Perfection can be painful

Posted by: Nicki Dadic | Date: March 20, 2014 | 10 Comments

At dinner with two fellow mothers from my eldest son’s nursery school, we chatted about the issues we’d had with becoming mothers for the first and second time. These are two women who I know through my child’s friendship with their children. Our relationships are not (yet) deep. They’re not (yet) personal. But over a glass of wine and a good meal, we opened up about our imperfections. Our shortcomings. Our (personally perceived) failures. Why do women, specifically mothers, feel the need to be “perfect”? Whatever happened to “normal”?

I spoke of my high levels of neurosis after my eldest son’s birth, which resulted in a seriously trying time for my marriage. I admitted to the bumpy period of my marriage after my second child was born, during which time I was as diagnosed with and medicated for post-natal depression. These women revealed that they had been oblivious to my struggle at that time, not because I hadn’t told them, but because my outward appearance had been that of a happy second-time mother who was quietly savouring this experience, soaking up the time with her children at home while she was on her government-approved four months’ maternity leave. The reality was that, at the time, I was going through one of the most difficult, sad and depressing stages of my life. More so than when I lost my mother when I was just 18 years old. I wasn’t actively trying to cover it up, to make it appear perfect. In fact, there were a handful of people who knew exactly what I was going through, so I certainly wasn’t trying to hide my pain, my struggle. But I was, unbeknownst to me, portraying a life that was happy, balanced, organised and simple, when it was anything but.

And now, two years and a couple of months after the birth of my second child, I have to ask myself: WHY? Why did I feel that people didn’t need to know? Surely it would have been easier on me if more people had in fact known what I was going through?

Chatting to these two moms, who I only know on surface level, revealed that they too have had their silent struggles. They’ve confessed their woes to one or two close friends, but put their best (fake?) foot forward when it came to the rest of the world. And I have to ask, why? Why do we not talk to each other more openly about the hardships of motherhood? We know and feel the joys, but the lows are so rarely discussed as openly. Why? Is there a silent stigma attached to being open about how hard it is to be a mother? We’re so quick to tell moms-to-be how amazing and euphoric it will be to hold their newborn babies for the first time. But we don’t openly discuss how emotionally, physically and mentally draining it can also be.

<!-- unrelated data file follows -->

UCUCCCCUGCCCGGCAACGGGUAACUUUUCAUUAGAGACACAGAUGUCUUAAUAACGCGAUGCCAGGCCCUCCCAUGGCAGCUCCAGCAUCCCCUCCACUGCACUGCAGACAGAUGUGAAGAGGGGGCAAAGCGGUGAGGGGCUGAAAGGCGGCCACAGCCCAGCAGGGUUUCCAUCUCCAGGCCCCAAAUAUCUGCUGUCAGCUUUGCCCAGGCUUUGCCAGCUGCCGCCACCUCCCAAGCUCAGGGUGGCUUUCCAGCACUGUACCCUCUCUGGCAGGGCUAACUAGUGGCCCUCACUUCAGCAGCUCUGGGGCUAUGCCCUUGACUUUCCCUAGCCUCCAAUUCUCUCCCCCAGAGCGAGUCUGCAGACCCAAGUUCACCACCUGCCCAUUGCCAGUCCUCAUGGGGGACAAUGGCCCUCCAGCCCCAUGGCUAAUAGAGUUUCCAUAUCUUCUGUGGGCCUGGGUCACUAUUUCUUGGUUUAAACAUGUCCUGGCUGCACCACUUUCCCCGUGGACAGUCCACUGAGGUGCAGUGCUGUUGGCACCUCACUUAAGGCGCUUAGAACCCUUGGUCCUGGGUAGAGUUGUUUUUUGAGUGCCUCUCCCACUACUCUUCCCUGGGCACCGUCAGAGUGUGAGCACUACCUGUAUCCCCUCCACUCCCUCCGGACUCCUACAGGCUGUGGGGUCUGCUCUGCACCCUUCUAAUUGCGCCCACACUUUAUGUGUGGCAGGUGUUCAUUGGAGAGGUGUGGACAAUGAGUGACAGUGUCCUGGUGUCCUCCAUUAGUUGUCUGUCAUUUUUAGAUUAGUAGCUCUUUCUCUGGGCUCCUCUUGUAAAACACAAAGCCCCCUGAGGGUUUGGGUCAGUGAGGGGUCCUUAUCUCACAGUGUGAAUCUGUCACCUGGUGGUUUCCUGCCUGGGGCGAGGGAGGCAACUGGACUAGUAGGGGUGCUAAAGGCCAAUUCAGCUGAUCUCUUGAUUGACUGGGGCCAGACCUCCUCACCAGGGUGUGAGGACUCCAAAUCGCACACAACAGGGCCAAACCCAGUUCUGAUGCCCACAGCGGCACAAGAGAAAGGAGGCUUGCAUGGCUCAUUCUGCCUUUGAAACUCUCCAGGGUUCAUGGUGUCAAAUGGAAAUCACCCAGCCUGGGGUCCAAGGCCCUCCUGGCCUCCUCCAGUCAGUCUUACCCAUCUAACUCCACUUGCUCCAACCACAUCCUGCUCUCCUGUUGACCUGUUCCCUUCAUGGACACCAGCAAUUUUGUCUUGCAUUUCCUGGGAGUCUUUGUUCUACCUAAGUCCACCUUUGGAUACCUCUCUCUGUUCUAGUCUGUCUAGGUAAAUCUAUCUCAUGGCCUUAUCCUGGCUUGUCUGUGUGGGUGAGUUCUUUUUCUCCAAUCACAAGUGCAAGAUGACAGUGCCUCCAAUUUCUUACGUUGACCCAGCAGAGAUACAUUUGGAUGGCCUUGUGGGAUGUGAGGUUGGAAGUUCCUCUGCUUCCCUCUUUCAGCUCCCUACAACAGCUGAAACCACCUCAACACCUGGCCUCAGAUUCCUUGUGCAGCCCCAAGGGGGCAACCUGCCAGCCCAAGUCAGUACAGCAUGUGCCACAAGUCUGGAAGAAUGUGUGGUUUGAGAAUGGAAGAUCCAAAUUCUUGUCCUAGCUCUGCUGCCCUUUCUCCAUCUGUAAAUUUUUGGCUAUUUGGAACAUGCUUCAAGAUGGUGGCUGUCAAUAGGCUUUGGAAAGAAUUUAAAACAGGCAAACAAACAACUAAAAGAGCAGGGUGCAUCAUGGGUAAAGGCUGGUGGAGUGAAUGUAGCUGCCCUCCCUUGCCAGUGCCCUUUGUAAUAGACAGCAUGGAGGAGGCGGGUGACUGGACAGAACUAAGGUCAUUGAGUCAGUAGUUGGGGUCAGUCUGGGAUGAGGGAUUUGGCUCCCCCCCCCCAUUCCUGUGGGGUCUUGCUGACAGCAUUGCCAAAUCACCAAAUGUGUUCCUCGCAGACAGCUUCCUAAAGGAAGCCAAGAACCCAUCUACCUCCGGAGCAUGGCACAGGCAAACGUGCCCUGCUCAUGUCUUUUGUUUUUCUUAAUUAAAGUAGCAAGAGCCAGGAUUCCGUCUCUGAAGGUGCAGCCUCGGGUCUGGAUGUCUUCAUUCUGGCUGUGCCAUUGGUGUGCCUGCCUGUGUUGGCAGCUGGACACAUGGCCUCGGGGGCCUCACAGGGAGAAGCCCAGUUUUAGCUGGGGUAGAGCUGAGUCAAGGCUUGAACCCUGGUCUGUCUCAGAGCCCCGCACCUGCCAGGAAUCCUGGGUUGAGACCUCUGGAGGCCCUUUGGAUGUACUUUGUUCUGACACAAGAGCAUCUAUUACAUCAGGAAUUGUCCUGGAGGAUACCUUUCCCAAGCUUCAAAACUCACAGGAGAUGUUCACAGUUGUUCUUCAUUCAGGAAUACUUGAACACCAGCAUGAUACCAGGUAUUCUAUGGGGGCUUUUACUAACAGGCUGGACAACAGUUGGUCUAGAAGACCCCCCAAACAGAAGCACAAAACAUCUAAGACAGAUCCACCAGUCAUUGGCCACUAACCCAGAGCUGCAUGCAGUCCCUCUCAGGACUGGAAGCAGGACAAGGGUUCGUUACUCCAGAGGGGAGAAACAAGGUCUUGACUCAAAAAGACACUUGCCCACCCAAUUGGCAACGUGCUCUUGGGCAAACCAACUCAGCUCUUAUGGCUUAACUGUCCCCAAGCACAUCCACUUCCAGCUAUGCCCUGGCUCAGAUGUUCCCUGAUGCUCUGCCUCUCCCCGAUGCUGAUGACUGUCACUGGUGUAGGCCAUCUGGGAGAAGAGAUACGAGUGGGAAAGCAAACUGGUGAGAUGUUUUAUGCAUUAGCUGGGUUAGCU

I don’t want to scare anyone out of having children, but don’t you think that every new mother deserves to know that it doesn’t always have to be perfect?

Image – AFP


  • Cath Jenkin

    I wish that someone had come to me when I was heavily pregnant and said:

    “Everyone’s going to tell you how amazing parenting is when you pop that kid out a week before you turn 25. Everyone’s going to tell you how won’t be able to put them down or stop staring at your kid while they sleep (and you don’t). But nobody’s going to tell you that you’ll spend the first 2 years not knowing what the hell you are doing, it’s going to suck, and you are going to be convinced you’re mucking it up every single day. But I promise you, it’ll be okay”.

    Thank you for this

    • Nicki Dadic

      So true Cath. I look back on the first 9 months of Mika’s life and am grateful to modern medication for getting me through it, but also wondering why no one told me it could be THAT hard!

  • Sasha

    As always- lovely reading your work:)
    I felt the same way with my first- I was one of the first of my friends so really had no clue….It was all so overwhelming! So I made a point of telling everyone I could the truth of my experience, only to realise that actually everyone has their journey to take and it will be different to yours. So now I just say the top line : it’s wonderful and very hard at times- trust your gut and listen to those few that make sense to you.